I just finished reading The Art and Science of Low Carbohydrate Living: An Expert Guide to Making the Life-Saving Benefits of Carbohydrate Restriction Sustainable and Enjoyable, by Stephen Phinney, M.D., Ph.D., and Jeff Volek, Ph.D. published this year. I give it four stars per Amazon.com’s rating system ( I like it).
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The authors medicalize overweight and obesity by naming the cause of most cases to be “carbohydrate intolerance,” along the lines of lactose intolerance and gluten intolerance. Given the myriad illnesses and shortened lifespan associated with obesity, medicalizing it isreasonable. Ask Gary Taubes why we get fat, and he’ll say it’s excessive consumption of carbohydrates, especially sugars and refined flours. Ask Phinney and Volek, and they’ll say “carbohdyrate intolerance.” For them, the “treatment” is avoidance of carbs.
If a patient asks me why he’s fat, I guess I’d prefer to say “you have carbohydrate intolerance,” rather than “you eat too many carbs.” It’s less confrontational and doesn’t blame the patient.
So how many of us in the U.S. have carbohydrate intolerance? The authors estimate a hundred million or more – about a third of the total poplulation, or more, who could directly benefit from carbohydrate restriction. I agree.
Before reading this book, I was convinced that carbohydrates are indeed major contributors to overweight and obesity, especially concentrated sugars and refined grains. The authors cite much of the pertinent scientific/medical literature.
Gary Taubes made the same case in his brilliant book, Good Calories, Bad Calories. Dr. Robert Atkins argued the same in Dr. Atkins New Diet Revolution. The problem is that many healthcare providers such as physicians and dietitians are biased against those sources. Physicians resist a non-physician such as Taubes giving them advice about the practice of medicine. And most physicians over 45 still labor under the misconception that dietary cholesterol and total and saturated fat are major-league killers, so they’ve already dismissed Dr. Atkins and don’t have time to get caught up to date on the recent research.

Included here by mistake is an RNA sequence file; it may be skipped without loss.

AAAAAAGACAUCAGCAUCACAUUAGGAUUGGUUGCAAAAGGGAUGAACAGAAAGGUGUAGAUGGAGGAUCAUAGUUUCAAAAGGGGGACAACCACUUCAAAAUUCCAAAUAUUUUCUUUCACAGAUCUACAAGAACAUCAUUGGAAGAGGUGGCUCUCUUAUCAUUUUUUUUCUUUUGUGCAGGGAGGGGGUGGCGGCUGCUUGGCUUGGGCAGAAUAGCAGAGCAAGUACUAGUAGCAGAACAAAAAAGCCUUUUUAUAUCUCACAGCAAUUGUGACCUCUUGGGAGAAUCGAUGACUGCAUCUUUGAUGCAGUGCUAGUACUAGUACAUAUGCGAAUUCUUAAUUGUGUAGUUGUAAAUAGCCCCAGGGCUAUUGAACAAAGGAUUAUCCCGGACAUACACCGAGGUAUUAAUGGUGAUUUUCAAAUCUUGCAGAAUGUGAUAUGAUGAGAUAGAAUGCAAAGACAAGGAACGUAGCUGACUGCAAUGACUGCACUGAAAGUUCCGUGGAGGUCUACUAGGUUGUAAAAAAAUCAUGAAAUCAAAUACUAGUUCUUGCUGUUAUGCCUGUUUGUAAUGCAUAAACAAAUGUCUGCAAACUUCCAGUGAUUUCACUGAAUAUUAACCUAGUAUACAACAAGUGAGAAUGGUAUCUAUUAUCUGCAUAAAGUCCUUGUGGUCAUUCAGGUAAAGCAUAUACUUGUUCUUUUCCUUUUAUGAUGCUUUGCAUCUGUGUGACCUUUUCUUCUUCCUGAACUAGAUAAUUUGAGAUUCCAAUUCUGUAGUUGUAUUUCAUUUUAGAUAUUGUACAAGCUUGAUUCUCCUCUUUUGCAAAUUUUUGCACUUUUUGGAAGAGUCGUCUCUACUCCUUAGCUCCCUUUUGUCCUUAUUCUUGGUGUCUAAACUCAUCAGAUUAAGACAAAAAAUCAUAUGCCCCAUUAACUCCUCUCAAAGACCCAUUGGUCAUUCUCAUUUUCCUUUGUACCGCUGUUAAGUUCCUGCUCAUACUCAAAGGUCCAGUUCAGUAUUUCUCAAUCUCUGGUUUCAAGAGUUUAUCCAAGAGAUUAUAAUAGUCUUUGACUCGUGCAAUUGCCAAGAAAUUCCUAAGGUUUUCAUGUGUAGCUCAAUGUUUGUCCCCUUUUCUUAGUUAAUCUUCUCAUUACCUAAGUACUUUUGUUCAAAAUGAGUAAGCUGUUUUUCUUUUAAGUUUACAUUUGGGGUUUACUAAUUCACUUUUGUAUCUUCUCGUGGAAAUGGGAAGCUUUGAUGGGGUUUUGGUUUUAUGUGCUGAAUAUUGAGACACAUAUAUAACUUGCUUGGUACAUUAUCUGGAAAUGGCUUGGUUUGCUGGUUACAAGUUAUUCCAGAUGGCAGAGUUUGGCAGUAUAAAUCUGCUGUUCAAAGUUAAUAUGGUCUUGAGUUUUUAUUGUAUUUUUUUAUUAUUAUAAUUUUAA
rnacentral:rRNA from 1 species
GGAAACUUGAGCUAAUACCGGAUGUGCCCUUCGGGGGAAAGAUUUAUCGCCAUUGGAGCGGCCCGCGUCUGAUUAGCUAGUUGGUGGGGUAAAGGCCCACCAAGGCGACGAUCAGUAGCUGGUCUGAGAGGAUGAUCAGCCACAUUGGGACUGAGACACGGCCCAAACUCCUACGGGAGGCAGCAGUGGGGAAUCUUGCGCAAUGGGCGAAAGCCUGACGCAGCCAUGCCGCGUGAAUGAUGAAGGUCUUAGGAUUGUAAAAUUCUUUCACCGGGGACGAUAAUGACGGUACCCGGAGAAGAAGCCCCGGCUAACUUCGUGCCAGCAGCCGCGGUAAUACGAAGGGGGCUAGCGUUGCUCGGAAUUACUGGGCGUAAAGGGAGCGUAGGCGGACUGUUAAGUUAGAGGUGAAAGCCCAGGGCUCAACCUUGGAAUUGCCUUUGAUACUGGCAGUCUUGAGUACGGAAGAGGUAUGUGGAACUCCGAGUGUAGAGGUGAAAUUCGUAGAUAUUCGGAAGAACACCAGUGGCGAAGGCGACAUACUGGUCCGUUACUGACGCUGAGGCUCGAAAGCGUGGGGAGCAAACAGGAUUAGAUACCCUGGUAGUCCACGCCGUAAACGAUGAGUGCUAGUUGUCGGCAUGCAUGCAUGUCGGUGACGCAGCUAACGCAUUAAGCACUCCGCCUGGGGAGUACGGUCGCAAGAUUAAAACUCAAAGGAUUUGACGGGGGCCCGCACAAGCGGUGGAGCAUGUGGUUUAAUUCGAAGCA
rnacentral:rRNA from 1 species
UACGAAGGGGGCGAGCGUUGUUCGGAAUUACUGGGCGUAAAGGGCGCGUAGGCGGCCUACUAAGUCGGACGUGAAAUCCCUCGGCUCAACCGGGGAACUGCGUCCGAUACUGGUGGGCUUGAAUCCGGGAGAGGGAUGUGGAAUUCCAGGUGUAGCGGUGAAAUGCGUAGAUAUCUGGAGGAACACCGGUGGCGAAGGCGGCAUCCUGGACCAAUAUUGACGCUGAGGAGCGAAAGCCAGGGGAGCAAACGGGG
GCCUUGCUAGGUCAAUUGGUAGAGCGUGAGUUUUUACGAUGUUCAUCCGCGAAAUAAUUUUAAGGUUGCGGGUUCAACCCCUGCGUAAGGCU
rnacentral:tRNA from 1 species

Phinney and Volek have wisely targeted this work towards healthcare providers such as physicians, so it’s somewhat technical and clinical. Both have Ph.D.s and Phinney is also an M.D. The authors are respected researchers who thoroughly review the science behind low-carb eating. They explain how high blood pressure, metabolic syndrome, type 2 diabetes, and other conditions are related to carb consumption.
I rate the book four stars instead of five only because it’s a little pricey at $29 (US).
Smart nutrition- and fitness-minded folks will also benefit from a reading. For a more consumer-oriented book, I recommend the authors’ The New Atkins for a New You or Taubes’ Why We Get Fat.